Berkeleyan Masthead

This Week's Stories

1998's Hottest Science Story

UC AIDS Team Turns Up Major Clinical Findings

Staff Profile: Lirmar Willis Looks Back (and Ahead)

Computer Users are Helping Scientists Search for Extraterrestrial Signals from Space

After the Exodus: Berkeley, the Empty City

Photo: Playing Santa

After the Base Closes, It's Tough Out There

NIH Awards $1 Million For Biomed Chemistry Labs

Photo: Thespian Grove

Postage Rate Increase, Bulk Mail Blues

CALS Project Celebrates Fifth Anniversary

Lectures Explore Evolving Theories of Evolution

Photo: A Quilt of Languages

Photo: Upset Victory

Berdahl Fields Union Concerns at Noontime Staff Chat

Regular Features


Campus Memos

News Briefs


Staff Enrichment


NIH Awards $1 Million For Biomed Chemistry Labs

By Jane Scheiber, College of Chemistry
Posted January 13, 1999

The College of Chemistry has received a $1 million grant from the National Institutes of Health for renovating laboratories used for biomedical research.

The federal funds will be matched by $1.5 million in university funds and College of Chemistry funds raised from the private sector, for a total budget of $2.5 million.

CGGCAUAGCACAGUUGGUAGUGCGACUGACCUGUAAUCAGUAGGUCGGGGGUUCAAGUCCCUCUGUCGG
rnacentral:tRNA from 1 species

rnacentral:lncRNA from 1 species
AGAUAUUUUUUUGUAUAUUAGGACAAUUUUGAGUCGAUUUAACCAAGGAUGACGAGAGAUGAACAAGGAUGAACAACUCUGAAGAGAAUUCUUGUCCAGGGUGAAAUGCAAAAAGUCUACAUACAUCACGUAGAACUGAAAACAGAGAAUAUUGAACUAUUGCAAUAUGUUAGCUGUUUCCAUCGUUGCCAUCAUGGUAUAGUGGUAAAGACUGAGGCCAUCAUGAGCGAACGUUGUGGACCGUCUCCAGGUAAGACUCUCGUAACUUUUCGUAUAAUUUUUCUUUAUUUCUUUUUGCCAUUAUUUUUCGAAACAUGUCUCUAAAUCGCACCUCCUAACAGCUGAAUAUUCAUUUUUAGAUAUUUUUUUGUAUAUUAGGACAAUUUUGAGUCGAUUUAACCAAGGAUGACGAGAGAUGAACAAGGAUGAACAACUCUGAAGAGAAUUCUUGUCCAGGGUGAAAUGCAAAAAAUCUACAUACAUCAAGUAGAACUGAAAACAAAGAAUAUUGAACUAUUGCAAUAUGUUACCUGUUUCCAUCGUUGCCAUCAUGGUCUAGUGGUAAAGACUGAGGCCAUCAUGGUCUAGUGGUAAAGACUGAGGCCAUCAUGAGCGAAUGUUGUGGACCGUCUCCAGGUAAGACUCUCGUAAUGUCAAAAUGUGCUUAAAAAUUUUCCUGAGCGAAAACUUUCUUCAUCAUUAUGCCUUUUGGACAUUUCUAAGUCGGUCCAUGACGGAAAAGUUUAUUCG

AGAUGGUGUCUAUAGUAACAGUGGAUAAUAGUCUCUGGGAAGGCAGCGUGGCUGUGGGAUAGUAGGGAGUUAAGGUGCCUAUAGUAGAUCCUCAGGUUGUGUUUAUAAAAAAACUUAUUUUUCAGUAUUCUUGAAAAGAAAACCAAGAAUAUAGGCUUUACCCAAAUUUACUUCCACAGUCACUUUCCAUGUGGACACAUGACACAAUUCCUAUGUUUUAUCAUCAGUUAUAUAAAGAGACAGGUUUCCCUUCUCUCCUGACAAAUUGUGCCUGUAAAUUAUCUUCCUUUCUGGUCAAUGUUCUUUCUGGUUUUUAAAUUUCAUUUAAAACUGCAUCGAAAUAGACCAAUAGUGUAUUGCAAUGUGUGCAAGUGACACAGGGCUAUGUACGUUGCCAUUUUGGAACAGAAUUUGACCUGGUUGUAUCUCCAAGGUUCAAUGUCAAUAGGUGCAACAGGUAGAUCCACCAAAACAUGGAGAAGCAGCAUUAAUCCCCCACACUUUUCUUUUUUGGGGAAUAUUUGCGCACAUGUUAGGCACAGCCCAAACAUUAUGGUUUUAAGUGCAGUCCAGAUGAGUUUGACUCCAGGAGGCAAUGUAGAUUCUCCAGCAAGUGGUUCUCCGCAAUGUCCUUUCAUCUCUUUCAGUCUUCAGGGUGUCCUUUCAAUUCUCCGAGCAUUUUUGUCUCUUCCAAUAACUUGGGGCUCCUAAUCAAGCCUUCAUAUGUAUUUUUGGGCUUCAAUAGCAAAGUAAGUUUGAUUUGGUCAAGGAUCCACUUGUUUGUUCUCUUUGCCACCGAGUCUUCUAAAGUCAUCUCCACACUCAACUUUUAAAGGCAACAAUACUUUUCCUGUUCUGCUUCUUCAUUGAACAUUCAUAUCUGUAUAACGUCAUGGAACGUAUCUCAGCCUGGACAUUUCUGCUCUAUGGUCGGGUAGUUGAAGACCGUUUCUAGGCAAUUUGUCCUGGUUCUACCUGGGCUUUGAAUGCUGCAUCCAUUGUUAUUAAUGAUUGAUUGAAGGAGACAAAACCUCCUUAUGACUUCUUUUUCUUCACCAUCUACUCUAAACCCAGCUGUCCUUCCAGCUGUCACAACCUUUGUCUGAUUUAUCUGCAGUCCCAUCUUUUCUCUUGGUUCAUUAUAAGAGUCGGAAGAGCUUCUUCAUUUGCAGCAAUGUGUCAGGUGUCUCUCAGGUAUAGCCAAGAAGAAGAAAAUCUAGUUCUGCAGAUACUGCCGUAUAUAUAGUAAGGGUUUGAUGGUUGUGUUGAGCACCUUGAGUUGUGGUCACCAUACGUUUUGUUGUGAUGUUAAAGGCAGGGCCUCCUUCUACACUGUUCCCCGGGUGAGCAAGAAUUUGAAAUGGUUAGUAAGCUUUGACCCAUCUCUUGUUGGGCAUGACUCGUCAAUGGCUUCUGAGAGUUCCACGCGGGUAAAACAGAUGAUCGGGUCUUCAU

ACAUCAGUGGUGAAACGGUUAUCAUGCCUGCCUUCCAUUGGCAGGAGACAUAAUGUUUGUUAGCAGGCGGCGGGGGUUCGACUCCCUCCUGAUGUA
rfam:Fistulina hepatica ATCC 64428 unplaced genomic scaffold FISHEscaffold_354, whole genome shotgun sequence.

The funds have been awarded by NIH's National Center for Research Resources under an Extramural Research Facilities Construction initiative, which is designed to enhance biomedical and behavioral research by supporting the costs of expanding or renovating facilities for such research.

"We hope this grant will be the lead for a much broader initiative in synthetic chemistry into new and exciting areas of biomedical and materials research," said Bartlett, principal author of the grant proposal and chemistry department chair.

The award-winning project calls attention to the central role of organic synthesis and combinatorial chemistry as the foundation for medicinal chemistry and the discovery of new pharmaceuticals. From the inception of the pharmaceutical industry, organic chemistry has played the lead role in generating novel drug candidates - either by total synthesis or through modification of naturally occurring compounds - and in providing economical routes to the final products.

The central role of organic synthesis in pharmaceutical discovery has become even more apparent with the maturation of the biotech industry, since increased understanding of biological function at the molecular level has greatly enlarged the number of targets for drug discovery.

The grant will permit the modernization of approximately 5,000 square feet of laboratory space in Latimer Hall for chemistry professors Paul Bartlett, Carolyn Bertozzi, Jonathan Ellman and Clayton H. Heathcock.


January 13 - 19, 1999 (Volume 27, Number 19)
Copyright 1999, The Regents of the University of California.
Produced and maintained by the Office of Public Affairs at UC Berkeley.
Comments? E-mail